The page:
Investment-linked policies, or colloquially know as ILPs, are policies that combine both protection and investment. Its main draw lies in its flexibility and potential high returns, which comes with high risks as well. NTUC Income offers two ILP products: VivoLink and VivaLink.
We know what you’re thinking. No, VivoLink is not the name of the bridge to VivoCity. VivoLink is the sibling investment-linked plan (ILP) of VivaLink, which we reviewed in our previous article. In this article, fundMyLife examines NTUC Income VivoLink’s features and reviews it.
Disclaimer: we are neither endorsing nor hating on these products, nor ILPs in general. We believe that there’s a time and plan for everyone. As such, it is all the more important that consumers are aware of the pros and cons of these products.
What is it?
VivoLink is a regular premium ILP. The plan pays the basic benefit or cash-in value (whichever is higher) in the event of death or total and permanent disability (TPD) before the age of 70. VivoLink also pays the basic benefit or cash-in value in the event of diagnosis of dread disease, or critical illness.
The death benefit depends on your age range when you die, i.e. the younger you are the higher the payout is. In the case of accidental death or TPD, the amount received is higher compared to the same age bracket. Restrictions apply to accidental deaths and TPD, i.e. you’d get a lower payout if risky activities or occupations caused the death or TPD.
This is a list of selected features of the plan that we thought were interesting/unique. Other information like calculation of benefits can be found here.
#1 Retrenchment benefit
One thing that stood out in the plan was the retrenchment benefit. If you have not been able to find employment for three months, you can choose not to pay the premiums for a maximum of 24 weeks. Your coverage is not affect during this. Note: you must have paid a minimum of six months’ premiums.
#2 Extensive range of funds
One draw is that you can choose from a wide range of funds. You can invest in as many funds as you need to, provided that you can set aside a minimum amount for each fund that you put in. Choosing VivoLink also gives you access to NTUC Income’s very own Aim Series. The Aim Series funds are a mix of equities, bonds, and alternative assets such as commodities and property. It is composed of five different funds: 1) Aim Now, 2) Aim 2025, 3) Aim 2035, and 4) Aim 2045. As its name suggests, you can choose the fund based on the target year that you need it. For example, if you want the money in 2045 you choose Aim 2045. Besides the amount of time, the funds also differ in risk profiles. Aim Now has the lowest risk profile whereas Aim 2045 has the highest.
#3 Policy loan
As opposed to its sister plan VivaLink, you can apply for a policy loan if you are unable to pay the premiums. The current policy loan amount (as of May 2018) is either 50% of the total cash value of the policy, or 80% of the net investment amount – whichever is lower. The interest rate of the loan is set at 5.5% p.a. If the amount of the loans and interest is more than the cash value of the policy, all benefits will stop.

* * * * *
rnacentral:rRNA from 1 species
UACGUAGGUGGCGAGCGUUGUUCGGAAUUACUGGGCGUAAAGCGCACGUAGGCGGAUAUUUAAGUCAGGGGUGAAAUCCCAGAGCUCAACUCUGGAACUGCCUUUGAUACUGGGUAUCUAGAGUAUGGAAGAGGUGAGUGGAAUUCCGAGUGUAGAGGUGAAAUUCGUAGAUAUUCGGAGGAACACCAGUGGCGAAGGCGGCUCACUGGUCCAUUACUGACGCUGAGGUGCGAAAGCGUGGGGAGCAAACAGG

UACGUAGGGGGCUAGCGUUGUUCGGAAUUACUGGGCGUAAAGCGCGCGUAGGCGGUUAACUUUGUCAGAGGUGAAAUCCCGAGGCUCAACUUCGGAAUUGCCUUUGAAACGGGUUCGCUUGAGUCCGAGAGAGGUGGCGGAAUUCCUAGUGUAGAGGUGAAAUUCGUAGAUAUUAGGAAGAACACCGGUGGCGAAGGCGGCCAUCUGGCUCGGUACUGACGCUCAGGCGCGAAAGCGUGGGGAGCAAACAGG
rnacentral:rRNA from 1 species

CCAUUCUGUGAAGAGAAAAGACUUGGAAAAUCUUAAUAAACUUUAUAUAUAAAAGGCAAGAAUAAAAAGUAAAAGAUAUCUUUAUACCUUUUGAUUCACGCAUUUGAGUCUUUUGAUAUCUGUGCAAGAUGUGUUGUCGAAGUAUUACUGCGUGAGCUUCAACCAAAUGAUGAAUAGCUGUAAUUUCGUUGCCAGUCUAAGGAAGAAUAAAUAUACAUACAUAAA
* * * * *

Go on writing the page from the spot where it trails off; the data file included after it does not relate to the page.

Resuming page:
There is no discount for paying annually, and as such for cash flow purposes it might be a good idea to go for monthly payment instead of yearly where you pay a lump sum.
The retrenchment benefit is useful for those who stand a high chance of retrenchment/unemployment. PMETs are at high risk of being retrenched. While older professionals are at risk of being retrenched, younger workers are not spared as well. Besides the retrenchment benefit, VivoLink has other features that allow temporary respite for customers who cannot pay the premiums. For example, policy loans help deal with the matter temporarily. It’s a crutch, and it’s dangerous to depend too much on a crutch.
One thing – there are no riders available for this plan. However, the plan does cover death, TPD, and dread disease/critical illness. Compared to other plans, dread disease/critical illness usually comes as a rider to a main life insurance plans. While there is dread disease/critical illness coverage, you do not have the option of adding an early critical illness rider. You will have to supplement it with other early critical illness plans out there. In addition, riders that waive premiums are also unavailable so you must take note of that too.
All in all, VivoLink is relatively more flexible in investment due to a larger pool of funds, but is less so for protection compared to its sibling ILP. The critical illness coverage in the base plan offsets the lack of riders.
Fun fact: Muslims can consider NTUC Income’s offerings because NTUC handles Shariah-compliant funds in Singapore. The Takaful Fund is one of the special funds in NTUC Income that invests in global equity markets via Shariah-compliant instruments.
That’s all folks! We hope that you understand VivoLink a bit better now. It is an interesting product that may or may not suit you, depend on your financial planning portfolio.
However, if you’re still unsure what you need, why not head on over to fundMyLife and ask our curated pool of financial advisers? Alternatively, you can check out our curated pool of individual advisers and ask them questions directly.
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